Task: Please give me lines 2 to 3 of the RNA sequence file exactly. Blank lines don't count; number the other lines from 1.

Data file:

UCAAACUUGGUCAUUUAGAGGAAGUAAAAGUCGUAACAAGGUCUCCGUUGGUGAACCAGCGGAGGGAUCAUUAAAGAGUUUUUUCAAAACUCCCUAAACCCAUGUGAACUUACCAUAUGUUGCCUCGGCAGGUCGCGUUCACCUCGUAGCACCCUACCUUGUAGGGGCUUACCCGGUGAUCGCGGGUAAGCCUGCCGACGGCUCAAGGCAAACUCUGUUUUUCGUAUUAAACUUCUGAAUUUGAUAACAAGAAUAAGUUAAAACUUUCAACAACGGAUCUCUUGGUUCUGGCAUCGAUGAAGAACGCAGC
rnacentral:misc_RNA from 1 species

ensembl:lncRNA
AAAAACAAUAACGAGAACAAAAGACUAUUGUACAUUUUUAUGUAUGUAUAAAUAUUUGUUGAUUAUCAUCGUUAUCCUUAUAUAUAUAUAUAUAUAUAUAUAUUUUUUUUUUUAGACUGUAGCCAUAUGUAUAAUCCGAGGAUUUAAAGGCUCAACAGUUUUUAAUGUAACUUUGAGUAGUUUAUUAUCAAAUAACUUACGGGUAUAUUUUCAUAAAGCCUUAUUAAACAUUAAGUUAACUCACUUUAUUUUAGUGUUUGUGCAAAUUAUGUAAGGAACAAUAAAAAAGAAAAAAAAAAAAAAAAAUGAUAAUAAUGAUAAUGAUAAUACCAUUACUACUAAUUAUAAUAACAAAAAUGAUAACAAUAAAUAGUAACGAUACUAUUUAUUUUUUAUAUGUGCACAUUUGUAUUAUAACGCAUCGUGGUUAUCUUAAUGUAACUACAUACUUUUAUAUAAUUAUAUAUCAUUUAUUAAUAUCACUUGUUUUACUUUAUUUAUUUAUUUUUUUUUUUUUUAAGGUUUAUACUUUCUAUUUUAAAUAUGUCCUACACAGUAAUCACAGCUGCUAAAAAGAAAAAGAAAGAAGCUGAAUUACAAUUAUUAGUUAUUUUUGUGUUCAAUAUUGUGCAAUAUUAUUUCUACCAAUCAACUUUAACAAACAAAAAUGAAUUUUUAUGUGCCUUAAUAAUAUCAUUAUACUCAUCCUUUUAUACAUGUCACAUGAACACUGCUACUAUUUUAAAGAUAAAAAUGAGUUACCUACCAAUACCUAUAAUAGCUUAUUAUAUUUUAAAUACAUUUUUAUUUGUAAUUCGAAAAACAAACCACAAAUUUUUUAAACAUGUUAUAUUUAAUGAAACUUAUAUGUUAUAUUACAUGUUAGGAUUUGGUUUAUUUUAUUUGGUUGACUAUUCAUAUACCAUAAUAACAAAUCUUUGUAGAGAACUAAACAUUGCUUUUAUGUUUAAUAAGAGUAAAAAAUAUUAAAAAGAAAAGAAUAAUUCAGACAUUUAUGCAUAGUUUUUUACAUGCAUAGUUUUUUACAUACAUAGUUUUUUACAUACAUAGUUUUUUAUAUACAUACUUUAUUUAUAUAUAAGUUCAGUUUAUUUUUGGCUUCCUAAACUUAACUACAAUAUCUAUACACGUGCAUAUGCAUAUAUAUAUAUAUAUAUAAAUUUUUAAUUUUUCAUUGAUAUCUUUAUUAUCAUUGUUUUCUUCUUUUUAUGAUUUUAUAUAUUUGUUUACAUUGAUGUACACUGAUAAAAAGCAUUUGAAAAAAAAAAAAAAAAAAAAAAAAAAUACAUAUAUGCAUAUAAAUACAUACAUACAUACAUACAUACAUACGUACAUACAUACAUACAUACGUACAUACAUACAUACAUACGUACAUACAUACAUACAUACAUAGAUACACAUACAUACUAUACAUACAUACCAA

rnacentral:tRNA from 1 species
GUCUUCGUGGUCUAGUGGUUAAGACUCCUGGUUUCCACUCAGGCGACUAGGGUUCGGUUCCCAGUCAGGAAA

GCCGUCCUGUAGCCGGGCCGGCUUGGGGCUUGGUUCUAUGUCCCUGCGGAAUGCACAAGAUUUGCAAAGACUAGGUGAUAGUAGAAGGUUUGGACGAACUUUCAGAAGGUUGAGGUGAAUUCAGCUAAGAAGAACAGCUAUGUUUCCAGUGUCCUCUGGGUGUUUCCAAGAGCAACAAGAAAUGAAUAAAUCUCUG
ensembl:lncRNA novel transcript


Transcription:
rnacentral:misc_RNA from 1 species

ensembl:lncRNA